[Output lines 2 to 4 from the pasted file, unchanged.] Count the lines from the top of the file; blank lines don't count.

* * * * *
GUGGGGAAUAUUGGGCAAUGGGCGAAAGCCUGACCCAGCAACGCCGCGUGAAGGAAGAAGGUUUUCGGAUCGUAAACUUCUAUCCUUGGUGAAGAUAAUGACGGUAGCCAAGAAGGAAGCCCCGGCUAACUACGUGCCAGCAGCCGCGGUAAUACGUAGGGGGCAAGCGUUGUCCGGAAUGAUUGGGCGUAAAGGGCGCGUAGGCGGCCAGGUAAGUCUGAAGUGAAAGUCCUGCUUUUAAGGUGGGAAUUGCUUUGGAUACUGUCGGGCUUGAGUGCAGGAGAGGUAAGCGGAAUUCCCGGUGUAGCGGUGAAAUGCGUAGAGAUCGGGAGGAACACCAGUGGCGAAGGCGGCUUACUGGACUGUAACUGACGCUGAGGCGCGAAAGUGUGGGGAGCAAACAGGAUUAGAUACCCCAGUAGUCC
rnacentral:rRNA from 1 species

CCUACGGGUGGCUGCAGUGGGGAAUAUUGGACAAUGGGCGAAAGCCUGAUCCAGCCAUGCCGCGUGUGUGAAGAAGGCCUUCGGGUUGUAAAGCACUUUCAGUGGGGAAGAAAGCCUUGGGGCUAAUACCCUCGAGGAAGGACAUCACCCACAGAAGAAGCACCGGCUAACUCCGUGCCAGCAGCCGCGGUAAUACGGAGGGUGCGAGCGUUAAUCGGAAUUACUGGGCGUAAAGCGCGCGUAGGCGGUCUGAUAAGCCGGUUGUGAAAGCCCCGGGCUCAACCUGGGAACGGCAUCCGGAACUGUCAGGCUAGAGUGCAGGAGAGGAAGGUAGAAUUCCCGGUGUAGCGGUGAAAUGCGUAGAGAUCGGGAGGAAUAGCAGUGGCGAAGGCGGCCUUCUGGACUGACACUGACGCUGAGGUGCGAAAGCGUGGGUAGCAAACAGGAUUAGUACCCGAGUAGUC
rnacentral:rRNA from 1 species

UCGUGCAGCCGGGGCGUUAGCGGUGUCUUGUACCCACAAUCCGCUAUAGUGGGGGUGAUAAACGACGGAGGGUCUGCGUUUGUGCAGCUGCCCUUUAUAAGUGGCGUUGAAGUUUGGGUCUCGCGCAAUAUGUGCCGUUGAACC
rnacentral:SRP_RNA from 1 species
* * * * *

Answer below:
rnacentral:rRNA from 1 species

CCUACGGGUGGCUGCAGUGGGGAAUAUUGGACAAUGGGCGAAAGCCUGAUCCAGCCAUGCCGCGUGUGUGAAGAAGGCCUUCGGGUUGUAAAGCACUUUCAGUGGGGAAGAAAGCCUUGGGGCUAAUACCCUCGAGGAAGGACAUCACCCACAGAAGAAGCACCGGCUAACUCCGUGCCAGCAGCCGCGGUAAUACGGAGGGUGCGAGCGUUAAUCGGAAUUACUGGGCGUAAAGCGCGCGUAGGCGGUCUGAUAAGCCGGUUGUGAAAGCCCCGGGCUCAACCUGGGAACGGCAUCCGGAACUGUCAGGCUAGAGUGCAGGAGAGGAAGGUAGAAUUCCCGGUGUAGCGGUGAAAUGCGUAGAGAUCGGGAGGAAUAGCAGUGGCGAAGGCGGCCUUCUGGACUGACACUGACGCUGAGGUGCGAAAGCGUGGGUAGCAAACAGGAUUAGUACCCGAGUAGUC
rnacentral:rRNA from 1 species